VOL. XXII.30. 51.

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fact is otherwise; no men are so much honored, caressed, and confided in. It were as reasonable for a cabinetmaker to complain of want of patronage, because men would not go down to his workshop on an island in the harbor, and purchase furniture, which he has made of the most fantastic and unfashionable forms. Let him come up to the city, and make such sofas and tables as other men do, and as much handsomer as he pleases. Campbell, Scott, Crabbe, Moore, and Byron, are standing testimonies, that the world does not now compel poets to poverty and contempt; though the last of them did his utmost to drive matters to that extremity.

In regard to the second passage quoted above, we are ready to assent with all our hearts to whatever tribute it contains to the distinguished and excellent artist referred to. We would not fall a note below any one in our eulogy. But we cannot by any means allow the sentiment of the passage to be just. For what is it, when put into plain English? That if this community were not so absorbed in common wants and common pleasures,' as to be absolutely without taste or sensibility in the fine arts, they would, by "generous gifts,' enable their great artist to devote himself to his mighty task,' without being called away to execute smaller works for his living; as if this employment were so degrading, that the public are bound to save him from it by a subscription,--secure his independence by a charitable contribution! This is as if a poet should complain, that the nation has not provided him with lodgings, that he may leisurely write an epic poem, and be rescued from the degradation of odes and sonnets, which it wounds his feelings to have sold in the bookstores. For ourselves, we wish that Allston would multiply a hundred fold his minor works; because the records of his fame would be thus multiplied, and the influence of his genius extended. We should be glad, if one of his parlor pieces’ were hung up in every drawingroom in the country, that the taste of the community might thus be prepared to comprehend and relish some greater work hereafter.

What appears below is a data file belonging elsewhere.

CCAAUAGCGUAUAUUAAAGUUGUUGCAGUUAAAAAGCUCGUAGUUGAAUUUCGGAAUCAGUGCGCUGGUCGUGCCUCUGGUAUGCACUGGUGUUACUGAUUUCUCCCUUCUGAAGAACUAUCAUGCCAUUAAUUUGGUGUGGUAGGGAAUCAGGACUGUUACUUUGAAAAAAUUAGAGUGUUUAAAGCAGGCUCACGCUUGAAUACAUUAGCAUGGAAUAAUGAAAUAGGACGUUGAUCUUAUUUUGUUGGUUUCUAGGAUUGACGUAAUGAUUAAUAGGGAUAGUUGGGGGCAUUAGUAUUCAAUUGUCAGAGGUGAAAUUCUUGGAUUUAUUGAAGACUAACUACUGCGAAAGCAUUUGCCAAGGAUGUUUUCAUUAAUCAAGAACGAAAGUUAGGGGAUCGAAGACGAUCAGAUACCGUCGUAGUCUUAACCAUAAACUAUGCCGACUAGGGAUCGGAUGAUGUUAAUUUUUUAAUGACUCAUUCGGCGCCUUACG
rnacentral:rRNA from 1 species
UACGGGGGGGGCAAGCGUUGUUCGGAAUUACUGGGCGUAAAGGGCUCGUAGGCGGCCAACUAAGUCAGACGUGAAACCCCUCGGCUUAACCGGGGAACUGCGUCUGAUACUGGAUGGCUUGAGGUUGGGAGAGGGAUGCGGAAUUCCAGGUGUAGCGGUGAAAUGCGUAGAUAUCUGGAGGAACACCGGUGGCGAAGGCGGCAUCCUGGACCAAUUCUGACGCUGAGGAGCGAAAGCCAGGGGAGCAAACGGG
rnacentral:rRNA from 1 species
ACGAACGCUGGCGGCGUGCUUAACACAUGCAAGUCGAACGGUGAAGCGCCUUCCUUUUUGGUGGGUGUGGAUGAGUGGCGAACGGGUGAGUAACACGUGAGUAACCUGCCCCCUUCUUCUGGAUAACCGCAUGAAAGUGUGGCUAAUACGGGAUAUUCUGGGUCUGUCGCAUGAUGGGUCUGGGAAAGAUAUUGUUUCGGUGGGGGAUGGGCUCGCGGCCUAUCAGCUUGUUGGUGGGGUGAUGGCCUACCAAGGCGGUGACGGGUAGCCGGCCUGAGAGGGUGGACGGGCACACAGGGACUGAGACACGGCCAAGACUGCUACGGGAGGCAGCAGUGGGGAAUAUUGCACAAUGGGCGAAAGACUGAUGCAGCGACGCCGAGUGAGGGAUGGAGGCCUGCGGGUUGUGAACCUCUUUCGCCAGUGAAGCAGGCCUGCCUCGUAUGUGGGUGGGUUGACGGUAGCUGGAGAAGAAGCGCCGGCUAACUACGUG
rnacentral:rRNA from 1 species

If the poem under notice were the performance of an ordinary writer, we should leave it here ; satisfied that we had done our duty to the poet and to the public. But Mr Percival is too important a man, and his example of too great influence, to admit of our leaving unsaid a few other things, which have suggested themselves to our thoughts. The course of our remarks must have rendered it evident, that we have read this poem with a

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great mixture of feelings ; and we are not willing to lay down the

pen, till we have stated a little more at length some of the circumstances, which have detracted from our pleasure, and which forbid our leaving it to be inferred, that the fine extracts which we have made, are specimens of the equal merit of the whole.

We think, then, that there is an excessive diffuseness in the style of Mr Percival. It is not sufficiently compact. It wants pith and point; it lacks the energy, which conciseness imparts. Every thing is drawn out as far as possible, always flowing and sweet, and therefore sometimes languid and monotonous. His poetry is too much diluted. It consists too much in words, which music to the ear, but too often send a feeble echo of the sense to the mind. There is also a superabundance of images in proportion to the thoughts; they skip about the magical scene in such numbers, that they stand in the way of one another and of the main design. He is too careless in selection; whatever occurs to him he puts down and lets it remain. He is not master of